Polio is not expected to spread widely in the U.S. due to the high rate of vaccinations, experts say.
Their comments came in interviews with Axios. The poliovirus was detected in wastewater samples in New York state and London.
News of the resurgence of the virus came as the U.S. is still dealing with COVID-19 and an outbreak of monkeypox.
About 93% of children in the U.S. receive vaccinations against polio by the time they turn two, the CDC reported.
Aaron Glatt, the infectious disease chief at Mount Sinai South Nassau in New York, and other experts told Axios that those up to date on their polio vaccines have little to worry about.
"If you're an unvaccinated person living in Rockland or Orange County [New York], where sewage is showing there's polio in it, I would be concerned and get vaccinated," he said.
Patricia Jackson, a spokeswoman for the Association for Professionals in Infection Control and Epidemiology and director of infection prevention White Rock Medical Center in Dallas, added: "The good news about this is, if you're vaccinated, you're protected.”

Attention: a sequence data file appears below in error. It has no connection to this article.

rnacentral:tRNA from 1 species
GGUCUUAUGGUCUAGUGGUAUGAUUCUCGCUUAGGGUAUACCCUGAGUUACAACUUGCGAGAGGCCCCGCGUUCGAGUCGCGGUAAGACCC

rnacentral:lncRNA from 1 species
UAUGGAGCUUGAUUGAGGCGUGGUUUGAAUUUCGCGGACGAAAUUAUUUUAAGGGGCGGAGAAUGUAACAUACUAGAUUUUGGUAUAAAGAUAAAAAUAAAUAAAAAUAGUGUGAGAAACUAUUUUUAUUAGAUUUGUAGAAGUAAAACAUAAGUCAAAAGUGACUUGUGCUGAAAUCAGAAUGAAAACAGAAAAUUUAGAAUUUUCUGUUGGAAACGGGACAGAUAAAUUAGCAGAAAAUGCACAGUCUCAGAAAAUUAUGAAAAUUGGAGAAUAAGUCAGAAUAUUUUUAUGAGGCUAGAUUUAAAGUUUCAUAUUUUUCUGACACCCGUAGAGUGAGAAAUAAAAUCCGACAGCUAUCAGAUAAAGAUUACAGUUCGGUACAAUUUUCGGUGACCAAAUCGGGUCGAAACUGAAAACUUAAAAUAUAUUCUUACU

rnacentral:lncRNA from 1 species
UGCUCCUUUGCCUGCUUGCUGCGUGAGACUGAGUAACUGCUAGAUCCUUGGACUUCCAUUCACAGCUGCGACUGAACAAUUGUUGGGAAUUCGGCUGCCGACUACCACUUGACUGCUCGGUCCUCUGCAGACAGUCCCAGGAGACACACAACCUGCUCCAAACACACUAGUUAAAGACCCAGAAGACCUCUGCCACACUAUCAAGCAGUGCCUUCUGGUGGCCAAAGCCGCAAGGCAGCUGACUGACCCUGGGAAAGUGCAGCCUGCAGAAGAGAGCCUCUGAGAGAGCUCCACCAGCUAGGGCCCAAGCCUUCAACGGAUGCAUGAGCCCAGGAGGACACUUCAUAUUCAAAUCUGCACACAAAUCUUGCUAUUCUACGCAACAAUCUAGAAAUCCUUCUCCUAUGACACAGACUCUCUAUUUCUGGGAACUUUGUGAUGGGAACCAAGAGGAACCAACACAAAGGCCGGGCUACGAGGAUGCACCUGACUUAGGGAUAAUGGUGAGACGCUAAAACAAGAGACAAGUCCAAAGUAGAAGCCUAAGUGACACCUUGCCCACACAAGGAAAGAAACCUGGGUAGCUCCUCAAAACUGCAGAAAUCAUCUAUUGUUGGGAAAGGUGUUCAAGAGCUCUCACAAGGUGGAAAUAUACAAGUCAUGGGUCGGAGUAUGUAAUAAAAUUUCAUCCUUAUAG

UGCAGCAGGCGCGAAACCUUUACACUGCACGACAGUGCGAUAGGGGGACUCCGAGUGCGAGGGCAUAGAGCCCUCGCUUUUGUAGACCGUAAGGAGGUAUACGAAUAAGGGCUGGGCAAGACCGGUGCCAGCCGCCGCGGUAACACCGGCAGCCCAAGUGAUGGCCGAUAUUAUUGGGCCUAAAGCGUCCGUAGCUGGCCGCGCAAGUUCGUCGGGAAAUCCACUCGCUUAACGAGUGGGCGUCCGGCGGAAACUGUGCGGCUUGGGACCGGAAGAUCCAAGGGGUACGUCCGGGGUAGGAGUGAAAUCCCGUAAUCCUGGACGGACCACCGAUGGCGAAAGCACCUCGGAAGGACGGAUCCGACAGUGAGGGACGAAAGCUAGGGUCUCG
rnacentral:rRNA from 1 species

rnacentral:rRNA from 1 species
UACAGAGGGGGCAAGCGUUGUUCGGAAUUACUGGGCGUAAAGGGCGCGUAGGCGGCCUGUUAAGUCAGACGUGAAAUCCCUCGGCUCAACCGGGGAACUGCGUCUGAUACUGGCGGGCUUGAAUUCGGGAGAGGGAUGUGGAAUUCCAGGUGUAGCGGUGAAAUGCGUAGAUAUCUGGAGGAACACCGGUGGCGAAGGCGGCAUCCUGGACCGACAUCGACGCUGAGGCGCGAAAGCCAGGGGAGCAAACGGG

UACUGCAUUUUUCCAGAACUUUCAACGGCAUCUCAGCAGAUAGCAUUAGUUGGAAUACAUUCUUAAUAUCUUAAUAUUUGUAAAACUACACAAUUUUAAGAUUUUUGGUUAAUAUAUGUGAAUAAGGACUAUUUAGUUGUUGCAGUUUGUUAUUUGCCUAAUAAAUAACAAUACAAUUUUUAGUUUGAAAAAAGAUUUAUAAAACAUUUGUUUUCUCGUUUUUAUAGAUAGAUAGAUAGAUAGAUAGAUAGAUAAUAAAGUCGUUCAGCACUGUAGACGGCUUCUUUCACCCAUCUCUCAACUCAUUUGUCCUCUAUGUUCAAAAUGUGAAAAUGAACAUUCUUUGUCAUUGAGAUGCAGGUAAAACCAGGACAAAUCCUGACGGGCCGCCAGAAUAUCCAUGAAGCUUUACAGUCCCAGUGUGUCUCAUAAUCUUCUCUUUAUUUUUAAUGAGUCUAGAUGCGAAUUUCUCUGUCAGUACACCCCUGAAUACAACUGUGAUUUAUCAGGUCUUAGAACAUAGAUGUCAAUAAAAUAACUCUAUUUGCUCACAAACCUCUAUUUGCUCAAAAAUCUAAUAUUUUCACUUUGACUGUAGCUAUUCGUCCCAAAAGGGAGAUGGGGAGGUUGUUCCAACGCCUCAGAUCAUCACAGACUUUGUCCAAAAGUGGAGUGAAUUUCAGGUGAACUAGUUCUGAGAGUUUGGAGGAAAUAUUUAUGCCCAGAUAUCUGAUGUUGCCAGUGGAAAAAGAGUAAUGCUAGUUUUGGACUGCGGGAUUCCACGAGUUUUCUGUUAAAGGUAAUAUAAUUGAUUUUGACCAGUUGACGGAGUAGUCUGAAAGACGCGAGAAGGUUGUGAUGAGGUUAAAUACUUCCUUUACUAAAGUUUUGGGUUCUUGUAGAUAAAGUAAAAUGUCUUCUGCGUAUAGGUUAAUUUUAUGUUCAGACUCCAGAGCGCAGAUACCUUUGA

New York State Health Commissioner Mary Bassett on Friday had warned of a potential polio outbreak in the city after an adult in the metro area tested positive for the virus.
"Based on earlier polio outbreaks, New Yorkers should know that for every one case of paralytic polio observed, there may be hundreds of other people infected," Bassett said.
"Coupled with the latest wastewater findings, the department is treating the single case of polio as just the tip of the iceberg of much greater potential spread."
Bassett urged residents to get vaccinated.
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